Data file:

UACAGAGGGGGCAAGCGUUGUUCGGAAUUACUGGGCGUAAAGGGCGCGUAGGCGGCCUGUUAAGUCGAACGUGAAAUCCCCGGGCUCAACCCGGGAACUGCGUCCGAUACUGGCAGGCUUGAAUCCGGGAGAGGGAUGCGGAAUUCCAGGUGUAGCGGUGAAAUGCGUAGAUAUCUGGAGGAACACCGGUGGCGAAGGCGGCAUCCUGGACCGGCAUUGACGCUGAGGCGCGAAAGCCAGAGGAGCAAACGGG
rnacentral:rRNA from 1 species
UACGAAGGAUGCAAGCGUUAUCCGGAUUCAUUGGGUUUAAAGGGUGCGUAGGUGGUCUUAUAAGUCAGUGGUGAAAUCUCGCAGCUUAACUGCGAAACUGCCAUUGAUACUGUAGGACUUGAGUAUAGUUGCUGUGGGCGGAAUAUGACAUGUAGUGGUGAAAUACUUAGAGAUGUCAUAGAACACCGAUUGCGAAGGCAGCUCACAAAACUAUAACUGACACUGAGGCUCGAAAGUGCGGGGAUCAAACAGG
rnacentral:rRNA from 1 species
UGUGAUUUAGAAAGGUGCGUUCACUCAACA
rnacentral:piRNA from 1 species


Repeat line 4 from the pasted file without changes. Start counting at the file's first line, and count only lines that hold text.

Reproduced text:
rnacentral:rRNA from 1 species